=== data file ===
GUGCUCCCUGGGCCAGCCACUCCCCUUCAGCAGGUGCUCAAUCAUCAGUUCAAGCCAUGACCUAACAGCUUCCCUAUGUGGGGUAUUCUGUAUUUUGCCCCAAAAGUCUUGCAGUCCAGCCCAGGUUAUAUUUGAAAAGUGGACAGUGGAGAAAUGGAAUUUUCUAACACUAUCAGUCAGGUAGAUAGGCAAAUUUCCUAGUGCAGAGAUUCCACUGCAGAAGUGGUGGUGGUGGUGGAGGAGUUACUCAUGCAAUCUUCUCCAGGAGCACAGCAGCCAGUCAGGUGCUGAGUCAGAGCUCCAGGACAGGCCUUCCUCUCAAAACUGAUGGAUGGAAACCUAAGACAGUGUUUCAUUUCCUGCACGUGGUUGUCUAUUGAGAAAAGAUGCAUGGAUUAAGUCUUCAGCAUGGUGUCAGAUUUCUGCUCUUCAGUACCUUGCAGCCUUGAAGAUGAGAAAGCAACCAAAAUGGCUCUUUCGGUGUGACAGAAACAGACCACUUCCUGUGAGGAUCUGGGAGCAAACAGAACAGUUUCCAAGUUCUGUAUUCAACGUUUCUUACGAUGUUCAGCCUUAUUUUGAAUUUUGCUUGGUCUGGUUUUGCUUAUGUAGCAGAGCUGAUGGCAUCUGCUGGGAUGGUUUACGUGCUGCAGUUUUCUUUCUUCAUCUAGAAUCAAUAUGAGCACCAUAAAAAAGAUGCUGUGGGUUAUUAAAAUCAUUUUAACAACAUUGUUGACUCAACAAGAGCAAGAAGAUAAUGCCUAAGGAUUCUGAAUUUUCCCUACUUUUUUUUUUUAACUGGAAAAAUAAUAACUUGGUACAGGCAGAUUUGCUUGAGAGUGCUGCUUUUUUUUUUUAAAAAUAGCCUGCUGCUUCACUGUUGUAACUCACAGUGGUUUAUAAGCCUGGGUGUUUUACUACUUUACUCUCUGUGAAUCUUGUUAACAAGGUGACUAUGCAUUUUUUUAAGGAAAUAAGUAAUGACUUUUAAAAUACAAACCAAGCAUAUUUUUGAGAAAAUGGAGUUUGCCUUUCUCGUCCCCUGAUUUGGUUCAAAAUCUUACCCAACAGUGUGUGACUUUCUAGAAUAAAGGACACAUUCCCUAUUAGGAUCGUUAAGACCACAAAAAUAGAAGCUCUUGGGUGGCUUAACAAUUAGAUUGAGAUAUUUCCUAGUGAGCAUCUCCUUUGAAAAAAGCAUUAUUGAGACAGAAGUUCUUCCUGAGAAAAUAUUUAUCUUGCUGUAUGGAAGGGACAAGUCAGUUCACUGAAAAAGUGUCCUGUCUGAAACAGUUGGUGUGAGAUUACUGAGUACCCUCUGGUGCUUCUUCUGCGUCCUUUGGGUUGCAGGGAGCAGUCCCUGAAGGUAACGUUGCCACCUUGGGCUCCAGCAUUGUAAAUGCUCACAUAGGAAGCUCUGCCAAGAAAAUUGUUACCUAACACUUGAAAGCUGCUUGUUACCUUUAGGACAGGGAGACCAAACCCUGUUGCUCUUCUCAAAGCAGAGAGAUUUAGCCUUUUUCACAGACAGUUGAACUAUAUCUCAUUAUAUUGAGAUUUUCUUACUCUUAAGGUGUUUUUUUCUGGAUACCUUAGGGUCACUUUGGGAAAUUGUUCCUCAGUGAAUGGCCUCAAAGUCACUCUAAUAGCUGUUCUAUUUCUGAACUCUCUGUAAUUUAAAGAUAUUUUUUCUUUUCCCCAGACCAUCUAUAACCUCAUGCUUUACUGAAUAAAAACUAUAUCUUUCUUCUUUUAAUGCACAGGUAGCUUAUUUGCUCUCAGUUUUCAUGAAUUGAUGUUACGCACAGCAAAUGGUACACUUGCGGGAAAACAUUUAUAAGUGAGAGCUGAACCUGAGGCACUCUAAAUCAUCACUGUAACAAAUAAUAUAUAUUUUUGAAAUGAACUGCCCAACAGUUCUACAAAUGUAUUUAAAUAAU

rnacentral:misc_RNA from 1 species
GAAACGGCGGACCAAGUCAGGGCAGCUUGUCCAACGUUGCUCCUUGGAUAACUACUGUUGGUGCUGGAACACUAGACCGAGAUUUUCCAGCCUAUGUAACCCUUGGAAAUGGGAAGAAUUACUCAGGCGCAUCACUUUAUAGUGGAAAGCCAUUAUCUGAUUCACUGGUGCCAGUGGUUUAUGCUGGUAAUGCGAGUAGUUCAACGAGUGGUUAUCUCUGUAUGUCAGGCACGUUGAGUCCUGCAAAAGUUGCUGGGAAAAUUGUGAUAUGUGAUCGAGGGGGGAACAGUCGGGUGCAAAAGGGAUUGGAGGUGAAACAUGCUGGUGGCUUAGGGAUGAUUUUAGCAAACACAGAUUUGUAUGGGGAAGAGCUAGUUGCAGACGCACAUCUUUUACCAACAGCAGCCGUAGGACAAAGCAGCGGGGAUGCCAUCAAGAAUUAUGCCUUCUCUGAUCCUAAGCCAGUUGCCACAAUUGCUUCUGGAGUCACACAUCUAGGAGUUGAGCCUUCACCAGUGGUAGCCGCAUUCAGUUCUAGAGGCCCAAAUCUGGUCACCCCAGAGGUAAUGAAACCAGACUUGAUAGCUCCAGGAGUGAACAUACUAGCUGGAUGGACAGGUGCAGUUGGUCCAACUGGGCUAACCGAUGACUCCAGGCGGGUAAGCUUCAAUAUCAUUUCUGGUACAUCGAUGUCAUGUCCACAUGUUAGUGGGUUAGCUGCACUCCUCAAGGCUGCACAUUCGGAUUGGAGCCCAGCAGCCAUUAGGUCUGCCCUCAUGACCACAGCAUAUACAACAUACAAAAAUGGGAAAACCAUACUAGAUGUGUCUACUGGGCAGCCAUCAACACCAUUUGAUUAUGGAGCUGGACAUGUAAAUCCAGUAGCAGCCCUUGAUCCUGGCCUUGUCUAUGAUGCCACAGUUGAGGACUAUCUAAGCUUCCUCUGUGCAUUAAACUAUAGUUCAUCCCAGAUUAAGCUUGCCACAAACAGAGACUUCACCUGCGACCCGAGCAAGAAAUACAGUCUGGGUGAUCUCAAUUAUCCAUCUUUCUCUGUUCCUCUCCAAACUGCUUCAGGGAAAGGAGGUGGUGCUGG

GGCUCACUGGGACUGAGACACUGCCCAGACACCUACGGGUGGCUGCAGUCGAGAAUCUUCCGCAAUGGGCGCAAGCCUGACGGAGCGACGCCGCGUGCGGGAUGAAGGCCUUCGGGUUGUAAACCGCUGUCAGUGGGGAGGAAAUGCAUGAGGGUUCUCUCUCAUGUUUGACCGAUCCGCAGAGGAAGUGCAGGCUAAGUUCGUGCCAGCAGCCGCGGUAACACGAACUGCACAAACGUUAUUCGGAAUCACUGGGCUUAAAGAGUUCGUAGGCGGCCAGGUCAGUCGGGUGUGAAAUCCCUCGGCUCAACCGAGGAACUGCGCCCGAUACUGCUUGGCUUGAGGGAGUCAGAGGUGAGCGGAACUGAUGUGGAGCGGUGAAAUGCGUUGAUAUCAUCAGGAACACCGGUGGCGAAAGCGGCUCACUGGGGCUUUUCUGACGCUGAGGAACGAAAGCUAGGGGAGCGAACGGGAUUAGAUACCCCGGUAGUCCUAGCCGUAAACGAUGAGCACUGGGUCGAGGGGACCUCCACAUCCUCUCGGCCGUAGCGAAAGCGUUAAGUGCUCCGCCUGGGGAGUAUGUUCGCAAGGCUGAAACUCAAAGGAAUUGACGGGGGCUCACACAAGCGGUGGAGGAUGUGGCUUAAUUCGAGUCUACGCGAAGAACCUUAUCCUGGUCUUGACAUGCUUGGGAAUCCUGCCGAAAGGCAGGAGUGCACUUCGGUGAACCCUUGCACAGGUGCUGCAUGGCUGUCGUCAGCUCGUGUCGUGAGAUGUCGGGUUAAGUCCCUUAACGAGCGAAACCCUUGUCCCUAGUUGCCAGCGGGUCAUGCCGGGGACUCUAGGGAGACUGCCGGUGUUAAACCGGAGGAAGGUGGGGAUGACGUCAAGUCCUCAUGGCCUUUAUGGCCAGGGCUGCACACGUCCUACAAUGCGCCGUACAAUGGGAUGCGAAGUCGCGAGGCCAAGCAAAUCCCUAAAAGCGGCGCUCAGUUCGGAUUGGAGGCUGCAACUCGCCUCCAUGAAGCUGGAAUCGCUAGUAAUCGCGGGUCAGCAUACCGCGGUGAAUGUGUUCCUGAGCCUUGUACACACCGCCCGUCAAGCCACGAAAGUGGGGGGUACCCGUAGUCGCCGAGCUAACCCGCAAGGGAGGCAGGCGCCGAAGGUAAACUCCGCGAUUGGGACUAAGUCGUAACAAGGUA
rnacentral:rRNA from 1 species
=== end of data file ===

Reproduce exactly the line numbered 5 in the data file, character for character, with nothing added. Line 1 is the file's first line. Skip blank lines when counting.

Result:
rnacentral:rRNA from 1 species